Jocelin P. Rocha-Quiñones ’18
I had no idea of the struggles I would face my first year at Villanova. As the first person in my family to attend university in the United States, I was simply excited for the next chapter in my life. One thing I did know, however, was that paying tuition was going to be very difficult for my family. I was an undocumented person, meaning I was not entitled to federal aid to attend a higher education institution. Navigating the higher education system was challenging and I did not know where to ask for help.
I lived at home in NJ to cut costs for my family. I would walk a mile to take a 25-minute train ride to Philadelphia. From there, I would take a 35-minute ride on the SEPTA regional rail line to Villanova. Coordinating the train schedules perfectly was frustratingly impossible. Not to mention bad weather and unexpected delays that further complicated an already long and stressful commute.
Despite the financial and logistical challenges, I was grateful to be part of the Villanova community. Dr. Eckstein’s Intro to Sociology was one of my favorites. It was jarring to see how the personal issues I faced on a regular basis (i.e., poverty, gender, immigration status) became topics of conversation in class. I was often distraught that it all had deeper explanations and involved systems of oppression that I did not know existed.
When I shared my experiences with Dr. Eckstein, he was kind enough to sympathize and advocate for me. Thanks to his help, I was able to get a merit-based scholarship which reduced some of the financial pressures. We still had to work hard to pay the remainder of the tuition, but the scholarship gave me the opportunity to live on campus and fully immerse myself in the Villanova experience. I was able to focus more time on my studies and enjoy student organizations.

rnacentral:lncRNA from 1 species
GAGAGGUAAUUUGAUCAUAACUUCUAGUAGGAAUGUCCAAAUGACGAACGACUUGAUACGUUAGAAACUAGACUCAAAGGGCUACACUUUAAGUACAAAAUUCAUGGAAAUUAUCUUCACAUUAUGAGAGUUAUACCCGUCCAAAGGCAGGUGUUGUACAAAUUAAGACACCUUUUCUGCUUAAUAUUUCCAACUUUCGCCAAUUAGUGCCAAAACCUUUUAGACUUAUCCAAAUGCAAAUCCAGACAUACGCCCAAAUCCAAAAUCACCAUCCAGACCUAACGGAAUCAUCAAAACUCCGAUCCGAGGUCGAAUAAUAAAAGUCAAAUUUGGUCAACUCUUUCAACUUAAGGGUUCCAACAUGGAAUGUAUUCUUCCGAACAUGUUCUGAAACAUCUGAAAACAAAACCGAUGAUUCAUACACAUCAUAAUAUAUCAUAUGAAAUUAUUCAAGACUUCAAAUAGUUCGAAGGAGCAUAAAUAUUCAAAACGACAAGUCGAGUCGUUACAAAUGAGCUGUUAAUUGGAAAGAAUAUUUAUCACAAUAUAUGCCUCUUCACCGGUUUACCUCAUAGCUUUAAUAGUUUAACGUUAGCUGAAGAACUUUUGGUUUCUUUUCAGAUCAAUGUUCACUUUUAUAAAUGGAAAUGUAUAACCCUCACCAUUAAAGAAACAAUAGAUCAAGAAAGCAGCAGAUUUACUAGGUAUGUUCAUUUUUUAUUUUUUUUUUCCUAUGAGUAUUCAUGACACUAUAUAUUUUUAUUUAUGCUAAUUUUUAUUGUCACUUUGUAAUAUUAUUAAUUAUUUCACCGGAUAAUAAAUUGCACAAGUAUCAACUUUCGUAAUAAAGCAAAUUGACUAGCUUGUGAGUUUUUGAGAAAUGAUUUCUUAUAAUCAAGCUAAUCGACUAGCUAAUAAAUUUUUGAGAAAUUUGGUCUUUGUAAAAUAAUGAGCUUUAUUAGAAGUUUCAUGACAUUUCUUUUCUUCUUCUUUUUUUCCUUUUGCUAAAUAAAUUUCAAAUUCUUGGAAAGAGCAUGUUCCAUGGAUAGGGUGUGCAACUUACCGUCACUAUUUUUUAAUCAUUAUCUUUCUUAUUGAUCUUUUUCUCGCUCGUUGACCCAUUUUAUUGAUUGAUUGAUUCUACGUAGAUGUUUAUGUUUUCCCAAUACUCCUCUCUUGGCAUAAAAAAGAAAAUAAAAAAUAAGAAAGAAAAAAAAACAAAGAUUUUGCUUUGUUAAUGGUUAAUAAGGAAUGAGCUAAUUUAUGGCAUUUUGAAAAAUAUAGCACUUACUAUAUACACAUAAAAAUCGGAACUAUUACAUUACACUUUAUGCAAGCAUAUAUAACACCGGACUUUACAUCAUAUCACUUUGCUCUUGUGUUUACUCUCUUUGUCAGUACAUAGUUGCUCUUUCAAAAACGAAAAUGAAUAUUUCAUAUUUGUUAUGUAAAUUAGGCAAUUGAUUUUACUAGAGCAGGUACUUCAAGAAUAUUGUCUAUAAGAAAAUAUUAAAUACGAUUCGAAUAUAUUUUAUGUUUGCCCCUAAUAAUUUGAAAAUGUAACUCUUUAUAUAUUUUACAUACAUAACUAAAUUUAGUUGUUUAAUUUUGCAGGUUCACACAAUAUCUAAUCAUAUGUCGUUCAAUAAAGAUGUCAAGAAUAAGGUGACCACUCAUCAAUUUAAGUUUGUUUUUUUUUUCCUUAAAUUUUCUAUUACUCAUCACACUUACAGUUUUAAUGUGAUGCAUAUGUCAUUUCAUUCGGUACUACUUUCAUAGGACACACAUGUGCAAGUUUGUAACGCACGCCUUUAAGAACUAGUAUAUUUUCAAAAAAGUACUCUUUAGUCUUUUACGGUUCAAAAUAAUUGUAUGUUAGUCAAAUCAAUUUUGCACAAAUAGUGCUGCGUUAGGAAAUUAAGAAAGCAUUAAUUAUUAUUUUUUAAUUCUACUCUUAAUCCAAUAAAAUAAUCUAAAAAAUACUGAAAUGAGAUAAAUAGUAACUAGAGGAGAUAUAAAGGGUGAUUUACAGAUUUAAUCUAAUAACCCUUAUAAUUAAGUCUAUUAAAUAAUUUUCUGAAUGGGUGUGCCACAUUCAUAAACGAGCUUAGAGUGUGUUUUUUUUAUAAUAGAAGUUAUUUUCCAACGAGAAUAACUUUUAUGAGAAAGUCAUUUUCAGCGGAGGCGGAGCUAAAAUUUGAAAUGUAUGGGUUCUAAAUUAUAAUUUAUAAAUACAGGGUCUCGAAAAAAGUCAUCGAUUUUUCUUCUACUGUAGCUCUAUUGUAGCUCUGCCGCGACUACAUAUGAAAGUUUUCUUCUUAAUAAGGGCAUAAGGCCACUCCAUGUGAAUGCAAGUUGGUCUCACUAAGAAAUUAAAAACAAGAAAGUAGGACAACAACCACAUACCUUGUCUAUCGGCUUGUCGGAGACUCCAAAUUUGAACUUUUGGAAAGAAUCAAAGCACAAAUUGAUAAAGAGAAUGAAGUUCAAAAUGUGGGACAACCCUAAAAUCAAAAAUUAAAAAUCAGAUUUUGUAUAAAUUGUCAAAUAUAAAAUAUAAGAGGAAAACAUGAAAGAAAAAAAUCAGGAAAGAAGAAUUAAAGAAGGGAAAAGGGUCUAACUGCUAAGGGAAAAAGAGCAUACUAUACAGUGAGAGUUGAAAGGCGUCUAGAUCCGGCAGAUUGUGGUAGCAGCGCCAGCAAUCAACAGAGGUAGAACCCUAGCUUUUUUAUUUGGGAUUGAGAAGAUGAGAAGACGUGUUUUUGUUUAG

I double majored in Sociology and English. Graduating as a scholar of sociology, I was determined to pick a career that made a difference in the world. I wanted to tackle injustices in society and empower the disempowered. Combined with my love for English literature, I pursued a master's in education at Villanova.
I went on to teach at my hometown high school for three years. Teaching there after studying sociology made me look at my familiar surroundings in a different light. The education system was truly a microcosm of society’s flaws and strengths. There was so much I wanted my students to know before they set out to a world not built for them. I infused my lessons with sociological theory. It ranged from introducing them to Marxist theory when we read Animal Farm to the Prison Industrial Complex when we read Shawshank Redemption.
I recently decided to take a break from teaching and have been pursuing other opportunities. Nevertheless, I look back on this experience as incredibly fulfilling and meaningful. I look forward to the future and hope that I can continue to utilize what I learned in the Sociology Department.